Welcome, friend. Thank you for being here. I want you to know that you belong here, and I would like to share my story with you.
My name is Cami and yoga changed my life. I know this is a big statement, so allow me to share how.
Yoga is the ancient South Asian practice of connection, or union (the Sanskrit word yoga means to yoke). It’s the state of being in total union with ourselves, each other, the Earth, the Universe, you name it…and the yogic path found me at a time when I desperately needed connection.
The first time I ever took a yoga class, I was 14, and I loved it. I enrolled with friends in a summer school yoga class at my high school just before freshman year. We had a booklet with all the poses that explained how to do them, and my teacher even let me teach some of the poses at one of our final classes. At that time, I believe the seed of my dharma (purpose) was planted, but it took many more years to germinate under the surface before it sprouted.
The seed that had been planted seemingly exploded into bloom just after I graduated from Muhlenberg College with a degree in theater and dance. I was working as an actor, and babysitting to make money, and one of the moms I worked for, Jill Mockaitis, encouraged me to come to her vinyasa yoga class. I did–and by the time we got to savasana, I’d had such a profound experience of bliss that I knew I had to come back, again and again.
At the time, I couldn’t name it, but I’ve come to recognize that profound experience of bliss as belonging. While the poses, the breathing, the relaxation all felt amazing, yoga’s impact on me ran deeper. After years of being in the competitive, cutthroat performing arts world, where I put an unhealthy amount of pressure on myself to be “perfect”, where I measured my worth by what I could do or what I looked like, the yoga practice felt (and still feels) like a great remembering of who I truly am: I am a being of Divine origin, just like everyone else, and therefore my worth and belonging are inherent. That means that we are all worthy the love, kindness, respect, and belonging we all so deeply desire, simply because we exist. In her book, The Body Is Not An Apology, this is how author and activist Sonya Renee Taylor describes “radical self-love”.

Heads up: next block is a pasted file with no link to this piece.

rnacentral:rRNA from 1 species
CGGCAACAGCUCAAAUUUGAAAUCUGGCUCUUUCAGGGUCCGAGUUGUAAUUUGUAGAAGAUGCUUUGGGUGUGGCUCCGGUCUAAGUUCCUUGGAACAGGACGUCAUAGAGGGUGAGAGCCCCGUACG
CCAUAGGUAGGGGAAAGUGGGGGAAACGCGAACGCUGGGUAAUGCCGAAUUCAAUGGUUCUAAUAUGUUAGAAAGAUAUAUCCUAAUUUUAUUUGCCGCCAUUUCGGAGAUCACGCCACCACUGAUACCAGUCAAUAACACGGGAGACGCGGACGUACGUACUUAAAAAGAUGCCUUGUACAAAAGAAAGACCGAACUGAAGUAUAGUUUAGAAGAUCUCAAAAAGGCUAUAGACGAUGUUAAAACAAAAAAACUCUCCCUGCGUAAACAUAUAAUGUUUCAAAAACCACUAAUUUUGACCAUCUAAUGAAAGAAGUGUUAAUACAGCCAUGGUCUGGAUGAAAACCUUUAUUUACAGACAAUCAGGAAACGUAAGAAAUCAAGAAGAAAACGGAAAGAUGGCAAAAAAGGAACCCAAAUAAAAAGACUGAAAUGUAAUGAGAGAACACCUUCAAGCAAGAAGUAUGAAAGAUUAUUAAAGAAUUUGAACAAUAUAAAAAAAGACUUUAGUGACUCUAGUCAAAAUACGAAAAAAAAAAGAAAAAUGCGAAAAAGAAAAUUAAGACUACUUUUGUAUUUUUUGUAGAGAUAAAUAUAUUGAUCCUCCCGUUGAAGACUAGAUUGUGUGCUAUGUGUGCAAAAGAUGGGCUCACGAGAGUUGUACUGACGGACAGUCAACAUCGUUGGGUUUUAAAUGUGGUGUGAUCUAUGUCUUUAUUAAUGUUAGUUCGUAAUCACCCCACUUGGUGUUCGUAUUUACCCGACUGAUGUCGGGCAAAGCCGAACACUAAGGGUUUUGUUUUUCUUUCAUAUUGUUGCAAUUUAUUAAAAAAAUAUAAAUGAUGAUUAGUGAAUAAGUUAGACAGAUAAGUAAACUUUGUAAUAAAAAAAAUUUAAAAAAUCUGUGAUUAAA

And it is yoga as a path to radical self-love–through both written word and embodied experience–that saved my life. It has helped me work through my own experiences with mental illness, trauma, disconnection and low self-worth, and what empowers me to bring that healing work into the lives of others.
In 2017, I completed my 200-hour yoga teacher training at Kripalu Center in Massachusetts, where I learned yoga through the lineage of Swami Kripalu. His most famous quote is, “The highest form of spiritual practice is self-observation without judgment.” Just that statement alone changed my life.
I went into the program wanting to learn more about yoga, but I left feeling compelled to share the teachings with anyone willing to learn. I also have always loved working with kids (I’ve been babysitting since I was basically still a kid), so I knew right away I wanted to combine these two passions. Being a human is hard, and I think being a young human is even harder, and kids more than ever need a space where they can experience that belonging and connection that is yoga as they navigate life.
Since then, I’ve trained and taught all over. I’ve had the opportunity to practice yoga and teach people of all ages and backgrounds in the US, Italy, and Israel. I’ve done specialized trainings in trauma-informed yoga, pre/postnatal yoga, therapeutic yoga for children and families, yoga nidra, Reiki I, sound healing, Kabbalah yoga, mindfulness/wellbeing coaching, and more.
Seeing the profound impact yoga has had on me in terms of my mental health and self-esteem has inspired me to take my practice on a more therapeutic path. I am currently working on my 1000-hour Advanced Yoga Therapist certification through Breathing Deeply Yoga Therapy. From 2020-2022, I conducted private and group yoga therapy at Yellowbrick, a residential psychiatric treatment center for young adults in Evanston, IL.
My goal as a yoga therapist is to empower the people I work with with the tools and resources to heal themselves. In my sessions, I put an emphasis on choice, non-judgmental awareness, and bodily autonomy, rather than pressure to “get it right”, push the body beyond its limits, or look a certain way (so if you’re looking for the latter, I’m not your teacher, and that’s ok). I do not claim to be the “expert” or the “guru”--we learn from each other in this partnership as equals. I am committed to honoring yoga’s South Asian cultural, spiritual roots, which involves continuous, enthusiastic learning and practice on my part.
Really, everything you’ve read so far is a long-winded way of saying I. Love. Yoga. That’s what you can expect from working with me: someone who infuses that love into every moment, every movement, every breath, and isn’t afraid to let it radiate. It is my great honor and privilege to support you.
Lokah Samastah Sukhino Bhavantu (May All Beings Everywhere Be Happy And Free)
E-RYT, YACEP, C-IAYT Candidate